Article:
2.1.Search for Identity and Race
“Christmas’ struggle is a confuse attempt to create a personal identity” (Jenkins 67) One reason for his constant search for identity is probably that Christmas has no family backround. Joe is not mainly shaped by heredity but by his environment. He never had someone who gave him a feeling of belonging. He believes that his mind is black because others believe it. He rejects everything that means a threat to his identity. It seems to be important to find out whether Christmas’ father is Mexican or part Negro; important to Christmas, to Jefferson society and to the reader of Light in August. William Faulkner clarifies what it means to be black. He points out all negative connotations of the term Negro in the world of white people. He shows us that people need a scapegoat to strengthen their feeling of being superior. To a black custodian at the orphanage Joe says, ”I aint a nigger.” He gets the answer, “You are worse than that. You dont know what you are. And more than that, you wont never know. You’ll live and you’ll die and you wont never know” (LIA 288). The custodian’s words appear unmerciful. Nevertheless, they are not worse than the harsh reality.
At the age of five Joe is supposed to be adopted. His later foster parents talk to the matron of the orphanage, because they want to change his name. Joe says to himself, ”My name aint McEachern. My name is Christmas” (LIA 111). Such
words indicate the beginning of a desperate struggle for identity.
However, it is not solely Joe Christmas who wants to know who he is. It is the society. At the beginning of his life in Jefferson Joe is only known through rumour. No one knows where Christmas is living and what he is actually doing.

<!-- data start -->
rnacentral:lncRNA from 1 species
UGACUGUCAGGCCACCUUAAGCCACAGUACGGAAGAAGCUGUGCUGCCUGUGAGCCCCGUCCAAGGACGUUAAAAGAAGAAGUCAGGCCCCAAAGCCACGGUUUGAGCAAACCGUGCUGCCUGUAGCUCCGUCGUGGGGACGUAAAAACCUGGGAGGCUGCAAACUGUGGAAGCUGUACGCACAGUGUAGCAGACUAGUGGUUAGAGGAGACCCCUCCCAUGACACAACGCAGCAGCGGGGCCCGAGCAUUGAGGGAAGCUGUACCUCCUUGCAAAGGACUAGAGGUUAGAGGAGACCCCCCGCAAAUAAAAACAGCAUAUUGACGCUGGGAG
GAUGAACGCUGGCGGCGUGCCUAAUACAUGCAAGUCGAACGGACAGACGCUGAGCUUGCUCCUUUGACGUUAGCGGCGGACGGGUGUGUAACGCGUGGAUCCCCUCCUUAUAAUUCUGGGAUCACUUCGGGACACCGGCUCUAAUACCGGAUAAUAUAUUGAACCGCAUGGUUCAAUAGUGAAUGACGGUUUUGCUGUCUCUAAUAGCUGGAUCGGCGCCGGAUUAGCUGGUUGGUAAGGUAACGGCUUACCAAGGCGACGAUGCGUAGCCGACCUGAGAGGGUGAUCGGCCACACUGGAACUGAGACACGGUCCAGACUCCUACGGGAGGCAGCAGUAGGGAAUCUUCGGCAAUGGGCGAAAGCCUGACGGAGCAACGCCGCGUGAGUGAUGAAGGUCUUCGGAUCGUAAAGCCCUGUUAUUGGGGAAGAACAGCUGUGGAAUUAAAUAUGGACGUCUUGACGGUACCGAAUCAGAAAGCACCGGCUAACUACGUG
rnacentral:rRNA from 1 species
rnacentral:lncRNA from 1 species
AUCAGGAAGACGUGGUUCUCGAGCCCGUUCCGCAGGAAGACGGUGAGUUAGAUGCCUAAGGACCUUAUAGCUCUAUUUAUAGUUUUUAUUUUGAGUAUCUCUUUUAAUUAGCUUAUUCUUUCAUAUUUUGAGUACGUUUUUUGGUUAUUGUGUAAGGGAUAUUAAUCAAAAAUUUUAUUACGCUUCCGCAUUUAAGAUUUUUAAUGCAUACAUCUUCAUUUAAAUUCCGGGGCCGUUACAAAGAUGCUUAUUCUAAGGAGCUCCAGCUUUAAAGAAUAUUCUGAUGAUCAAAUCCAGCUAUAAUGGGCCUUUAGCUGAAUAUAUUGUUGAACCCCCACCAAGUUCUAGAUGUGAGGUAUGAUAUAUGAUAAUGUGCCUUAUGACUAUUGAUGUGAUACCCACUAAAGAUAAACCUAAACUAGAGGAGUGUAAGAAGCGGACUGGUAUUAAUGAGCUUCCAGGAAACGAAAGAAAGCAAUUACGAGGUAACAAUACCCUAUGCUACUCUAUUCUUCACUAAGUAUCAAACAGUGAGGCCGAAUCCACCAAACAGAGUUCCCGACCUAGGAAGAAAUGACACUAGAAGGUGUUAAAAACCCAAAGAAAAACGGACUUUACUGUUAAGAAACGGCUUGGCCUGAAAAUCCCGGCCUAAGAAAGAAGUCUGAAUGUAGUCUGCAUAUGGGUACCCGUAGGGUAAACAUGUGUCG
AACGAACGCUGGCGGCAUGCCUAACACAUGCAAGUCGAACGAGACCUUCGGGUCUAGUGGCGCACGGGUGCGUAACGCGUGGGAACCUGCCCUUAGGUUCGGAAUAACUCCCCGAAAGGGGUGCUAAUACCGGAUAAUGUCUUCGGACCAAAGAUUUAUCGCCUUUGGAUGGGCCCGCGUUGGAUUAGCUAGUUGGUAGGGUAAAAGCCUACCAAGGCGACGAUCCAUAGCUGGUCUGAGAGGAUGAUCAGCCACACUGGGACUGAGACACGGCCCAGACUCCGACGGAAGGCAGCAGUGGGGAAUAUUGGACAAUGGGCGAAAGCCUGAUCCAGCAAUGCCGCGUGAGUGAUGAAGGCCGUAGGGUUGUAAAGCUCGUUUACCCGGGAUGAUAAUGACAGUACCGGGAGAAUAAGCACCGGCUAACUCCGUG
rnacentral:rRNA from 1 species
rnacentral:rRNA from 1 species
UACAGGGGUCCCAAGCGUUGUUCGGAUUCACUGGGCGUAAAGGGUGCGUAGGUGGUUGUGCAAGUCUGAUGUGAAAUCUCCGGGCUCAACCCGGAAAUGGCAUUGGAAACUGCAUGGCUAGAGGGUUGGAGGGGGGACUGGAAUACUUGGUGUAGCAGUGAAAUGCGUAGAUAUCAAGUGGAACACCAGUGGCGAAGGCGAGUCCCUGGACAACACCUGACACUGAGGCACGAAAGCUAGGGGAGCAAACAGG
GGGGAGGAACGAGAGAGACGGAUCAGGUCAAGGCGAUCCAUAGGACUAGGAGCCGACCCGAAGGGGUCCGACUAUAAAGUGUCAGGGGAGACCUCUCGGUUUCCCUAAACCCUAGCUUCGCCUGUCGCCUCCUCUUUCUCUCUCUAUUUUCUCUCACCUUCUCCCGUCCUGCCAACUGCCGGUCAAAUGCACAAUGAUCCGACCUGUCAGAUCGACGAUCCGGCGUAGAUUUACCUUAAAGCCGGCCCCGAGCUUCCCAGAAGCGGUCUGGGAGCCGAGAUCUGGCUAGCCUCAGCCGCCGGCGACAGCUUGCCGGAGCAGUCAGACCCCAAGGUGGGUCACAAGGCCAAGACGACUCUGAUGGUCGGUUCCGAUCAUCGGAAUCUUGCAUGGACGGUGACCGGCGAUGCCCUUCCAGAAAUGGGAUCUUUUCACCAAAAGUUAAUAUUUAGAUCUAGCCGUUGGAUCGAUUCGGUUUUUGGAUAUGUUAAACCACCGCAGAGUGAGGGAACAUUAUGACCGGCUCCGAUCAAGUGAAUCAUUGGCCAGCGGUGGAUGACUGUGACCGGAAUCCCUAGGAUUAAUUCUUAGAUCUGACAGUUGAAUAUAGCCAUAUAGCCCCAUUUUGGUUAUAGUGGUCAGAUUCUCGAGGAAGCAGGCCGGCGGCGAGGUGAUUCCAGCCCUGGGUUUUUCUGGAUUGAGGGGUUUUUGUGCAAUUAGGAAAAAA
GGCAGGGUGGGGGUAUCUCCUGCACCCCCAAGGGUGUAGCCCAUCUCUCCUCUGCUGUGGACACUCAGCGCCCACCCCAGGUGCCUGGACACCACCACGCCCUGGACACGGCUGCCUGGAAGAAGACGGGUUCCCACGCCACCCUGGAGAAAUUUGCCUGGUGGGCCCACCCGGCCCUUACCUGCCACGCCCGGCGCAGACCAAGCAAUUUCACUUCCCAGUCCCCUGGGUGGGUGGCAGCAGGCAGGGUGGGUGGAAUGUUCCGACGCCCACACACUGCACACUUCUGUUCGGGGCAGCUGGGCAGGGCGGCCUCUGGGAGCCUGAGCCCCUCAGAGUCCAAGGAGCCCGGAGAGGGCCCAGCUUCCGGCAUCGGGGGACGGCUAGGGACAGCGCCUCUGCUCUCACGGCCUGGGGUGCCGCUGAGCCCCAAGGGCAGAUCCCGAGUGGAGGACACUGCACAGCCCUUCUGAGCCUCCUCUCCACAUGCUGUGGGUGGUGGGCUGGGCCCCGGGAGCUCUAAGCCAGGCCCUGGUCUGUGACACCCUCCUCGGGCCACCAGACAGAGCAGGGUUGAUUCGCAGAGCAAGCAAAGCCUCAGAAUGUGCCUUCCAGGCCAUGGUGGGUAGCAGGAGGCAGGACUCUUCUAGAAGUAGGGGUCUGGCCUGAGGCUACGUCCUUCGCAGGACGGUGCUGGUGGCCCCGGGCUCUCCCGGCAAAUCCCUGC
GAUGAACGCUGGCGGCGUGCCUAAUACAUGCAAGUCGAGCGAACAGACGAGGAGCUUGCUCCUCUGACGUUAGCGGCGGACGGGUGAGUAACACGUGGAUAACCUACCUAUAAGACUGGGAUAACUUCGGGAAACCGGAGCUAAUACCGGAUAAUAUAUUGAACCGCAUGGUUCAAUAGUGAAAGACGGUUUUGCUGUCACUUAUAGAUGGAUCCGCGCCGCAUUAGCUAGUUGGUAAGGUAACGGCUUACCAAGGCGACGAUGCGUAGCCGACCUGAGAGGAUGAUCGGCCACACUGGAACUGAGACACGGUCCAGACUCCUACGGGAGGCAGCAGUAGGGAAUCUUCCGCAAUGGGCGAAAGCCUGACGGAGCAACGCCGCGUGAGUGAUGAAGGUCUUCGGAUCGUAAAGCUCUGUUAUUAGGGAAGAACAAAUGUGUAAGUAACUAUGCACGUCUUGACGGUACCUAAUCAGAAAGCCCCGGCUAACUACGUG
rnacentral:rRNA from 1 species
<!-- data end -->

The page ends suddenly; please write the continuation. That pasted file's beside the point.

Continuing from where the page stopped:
Joe is not sure about his race and confronted with a society that strictly divides people into black and white. They construct their own image of him. Jefferson society, whose member treat people in accordance with their racial background, turns Christmas into a scapegoat. He is neither black nor white. Therefore Joe does not fit in Jefferson’s clear structure and poses a threat to his social environment.
Once they even call him a “white nigger” (LIA 259). In the end people are hunting Joe like an animal. The young intellectual young Gavin Stevens tries to explain Joes pattern of behaviour, “Because the black blood drove him first to the negro cabin. And then the white blood drove him out of there, as it was the black blood which snatched up the pistol and the white blood which would not let him fire it” (LIA 337). Stevens’ analysis appears incredibly narrow-minded. With the help of this analysis Faulkner makes it easy to form an impression of the Jefferson society. He provokes compassion although Joe’s race is not revealed. Neither Joe himself nor the reader ever gets an answer to it.